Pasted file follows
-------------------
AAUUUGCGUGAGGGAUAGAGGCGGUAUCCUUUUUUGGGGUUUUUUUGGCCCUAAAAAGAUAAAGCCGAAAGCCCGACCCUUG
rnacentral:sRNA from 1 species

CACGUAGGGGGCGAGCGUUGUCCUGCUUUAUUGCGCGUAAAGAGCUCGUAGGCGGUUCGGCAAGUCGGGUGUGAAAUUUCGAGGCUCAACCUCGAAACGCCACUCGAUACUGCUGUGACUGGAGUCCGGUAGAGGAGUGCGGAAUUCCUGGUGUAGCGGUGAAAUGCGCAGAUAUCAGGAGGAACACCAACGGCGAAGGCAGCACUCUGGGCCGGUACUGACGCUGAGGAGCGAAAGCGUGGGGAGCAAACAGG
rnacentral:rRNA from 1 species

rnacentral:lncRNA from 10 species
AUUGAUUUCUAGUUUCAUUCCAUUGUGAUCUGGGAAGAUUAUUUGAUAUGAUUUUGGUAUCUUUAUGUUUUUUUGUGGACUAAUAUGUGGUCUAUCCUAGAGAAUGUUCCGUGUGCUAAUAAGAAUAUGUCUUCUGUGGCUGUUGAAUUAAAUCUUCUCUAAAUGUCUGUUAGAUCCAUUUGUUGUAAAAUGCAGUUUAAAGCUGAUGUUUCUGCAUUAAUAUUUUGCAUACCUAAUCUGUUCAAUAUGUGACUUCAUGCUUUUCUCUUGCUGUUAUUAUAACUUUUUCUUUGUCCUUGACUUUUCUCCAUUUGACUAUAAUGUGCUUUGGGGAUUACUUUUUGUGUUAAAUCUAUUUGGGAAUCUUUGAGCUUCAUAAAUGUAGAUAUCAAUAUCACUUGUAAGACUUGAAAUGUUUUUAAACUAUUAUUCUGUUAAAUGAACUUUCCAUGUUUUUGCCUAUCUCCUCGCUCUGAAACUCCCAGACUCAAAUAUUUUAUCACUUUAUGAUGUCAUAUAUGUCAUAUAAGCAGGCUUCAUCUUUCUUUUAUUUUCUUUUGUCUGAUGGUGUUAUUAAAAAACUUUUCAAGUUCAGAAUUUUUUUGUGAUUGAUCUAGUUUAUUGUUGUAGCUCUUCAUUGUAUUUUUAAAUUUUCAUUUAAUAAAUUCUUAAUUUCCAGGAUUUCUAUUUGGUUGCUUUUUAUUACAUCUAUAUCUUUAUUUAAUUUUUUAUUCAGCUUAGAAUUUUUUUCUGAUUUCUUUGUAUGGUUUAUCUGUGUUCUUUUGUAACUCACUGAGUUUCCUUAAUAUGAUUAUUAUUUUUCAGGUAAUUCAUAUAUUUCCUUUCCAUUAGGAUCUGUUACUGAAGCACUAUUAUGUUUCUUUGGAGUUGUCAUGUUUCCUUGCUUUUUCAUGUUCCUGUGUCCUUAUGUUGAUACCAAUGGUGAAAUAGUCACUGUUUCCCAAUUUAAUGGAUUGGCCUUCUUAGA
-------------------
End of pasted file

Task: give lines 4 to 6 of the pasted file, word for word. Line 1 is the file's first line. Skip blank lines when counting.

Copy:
rnacentral:rRNA from 1 species

rnacentral:lncRNA from 10 species
AUUGAUUUCUAGUUUCAUUCCAUUGUGAUCUGGGAAGAUUAUUUGAUAUGAUUUUGGUAUCUUUAUGUUUUUUUGUGGACUAAUAUGUGGUCUAUCCUAGAGAAUGUUCCGUGUGCUAAUAAGAAUAUGUCUUCUGUGGCUGUUGAAUUAAAUCUUCUCUAAAUGUCUGUUAGAUCCAUUUGUUGUAAAAUGCAGUUUAAAGCUGAUGUUUCUGCAUUAAUAUUUUGCAUACCUAAUCUGUUCAAUAUGUGACUUCAUGCUUUUCUCUUGCUGUUAUUAUAACUUUUUCUUUGUCCUUGACUUUUCUCCAUUUGACUAUAAUGUGCUUUGGGGAUUACUUUUUGUGUUAAAUCUAUUUGGGAAUCUUUGAGCUUCAUAAAUGUAGAUAUCAAUAUCACUUGUAAGACUUGAAAUGUUUUUAAACUAUUAUUCUGUUAAAUGAACUUUCCAUGUUUUUGCCUAUCUCCUCGCUCUGAAACUCCCAGACUCAAAUAUUUUAUCACUUUAUGAUGUCAUAUAUGUCAUAUAAGCAGGCUUCAUCUUUCUUUUAUUUUCUUUUGUCUGAUGGUGUUAUUAAAAAACUUUUCAAGUUCAGAAUUUUUUUGUGAUUGAUCUAGUUUAUUGUUGUAGCUCUUCAUUGUAUUUUUAAAUUUUCAUUUAAUAAAUUCUUAAUUUCCAGGAUUUCUAUUUGGUUGCUUUUUAUUACAUCUAUAUCUUUAUUUAAUUUUUUAUUCAGCUUAGAAUUUUUUUCUGAUUUCUUUGUAUGGUUUAUCUGUGUUCUUUUGUAACUCACUGAGUUUCCUUAAUAUGAUUAUUAUUUUUCAGGUAAUUCAUAUAUUUCCUUUCCAUUAGGAUCUGUUACUGAAGCACUAUUAUGUUUCUUUGGAGUUGUCAUGUUUCCUUGCUUUUUCAUGUUCCUGUGUCCUUAUGUUGAUACCAAUGGUGAAAUAGUCACUGUUUCCCAAUUUAAUGGAUUGGCCUUCUUAGA